I would say that the creation story is a story used by a lot of ANE cultures, and it was adapted by the Hebrew culture and inspired by God to convey a message; not a literal story - much like parables.

With that, it shuts downs your argument because you weren't specific in who you were addressing. Bible Literalists have a big problem with this concept, though, so you were on the right track. Bible Literalists also tend to be Arminian, so you attack that concept as well in terms of God not being all knowing or all powerful even though they assert that He is.
If you take parts of the Bible as "inspired by God to convey a message; not a literal story - much like parables," you still have to deal with the message. This position can get you out of things like the historicity of the flood. But for a moral issue, as in the OP, you have to deal with what the Bible says just as the literalist does. Otherwise you're not taking it as allegory or parable, you're rejecting it outright.
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10-12-2013, 02:41 PM
RE: Why is god surprised by our behavior?
(10-12-2013 02:36 PM)alpha male Wrote:  
(10-12-2013 02:10 PM)kingschosen Wrote:  Moreover, understanding who you're challenging. Since the claim made by you is fairly irrelevant to non-literalists, it opens your argument up to different attack strategies by theists.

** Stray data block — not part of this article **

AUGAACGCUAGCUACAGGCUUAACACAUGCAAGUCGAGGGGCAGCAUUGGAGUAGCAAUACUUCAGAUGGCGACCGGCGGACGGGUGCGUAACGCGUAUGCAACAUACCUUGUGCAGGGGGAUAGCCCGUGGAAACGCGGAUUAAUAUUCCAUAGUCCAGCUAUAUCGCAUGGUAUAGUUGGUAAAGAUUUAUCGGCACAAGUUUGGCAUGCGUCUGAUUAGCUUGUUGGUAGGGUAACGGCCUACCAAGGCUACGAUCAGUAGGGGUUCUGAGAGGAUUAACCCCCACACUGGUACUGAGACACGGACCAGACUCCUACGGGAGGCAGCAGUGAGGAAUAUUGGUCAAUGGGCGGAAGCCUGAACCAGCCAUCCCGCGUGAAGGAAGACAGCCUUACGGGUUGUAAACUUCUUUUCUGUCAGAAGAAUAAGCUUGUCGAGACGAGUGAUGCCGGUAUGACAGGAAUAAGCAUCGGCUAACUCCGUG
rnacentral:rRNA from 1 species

Ex:
I would say that the creation story is a story used by a lot of ANE cultures, and it was adapted by the Hebrew culture and inspired by God to convey a message; not a literal story - much like parables.

With that, it shuts downs your argument because you weren't specific in who you were addressing. Bible Literalists have a big problem with this concept, though, so you were on the right track. Bible Literalists also tend to be Arminian, so you attack that concept as well in terms of God not being all knowing or all powerful even though they assert that He is.
If you take parts of the Bible as "inspired by God to convey a message; not a literal story - much like parables," you still have to deal with the message. This position can get you out of things like the historicity of the flood. But for a moral issue, as in the OP, you have to deal with what the Bible says just as the literalist does. Otherwise you're not taking it as allegory or parable, you're rejecting it outright.

No, no you're not.

You're not rejecting anything except the literal creation story.

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10-12-2013, 02:44 PM
RE: Why is god surprised by our behavior?
I actually stumbled across the Christian God's psychology Video it shows a nice insight on why any God in general is so anthropomorphic,its the same thing as mickey mouse and tom&jerry the more relatable to humans this "God" authority figure is the more we actually can understand or at least pretend to understand.

Logically it makes 0% sense for an all powerful,all knowing God to have emotions or have a desire for anything there is no scientific reason in the universe for a God to exist Period.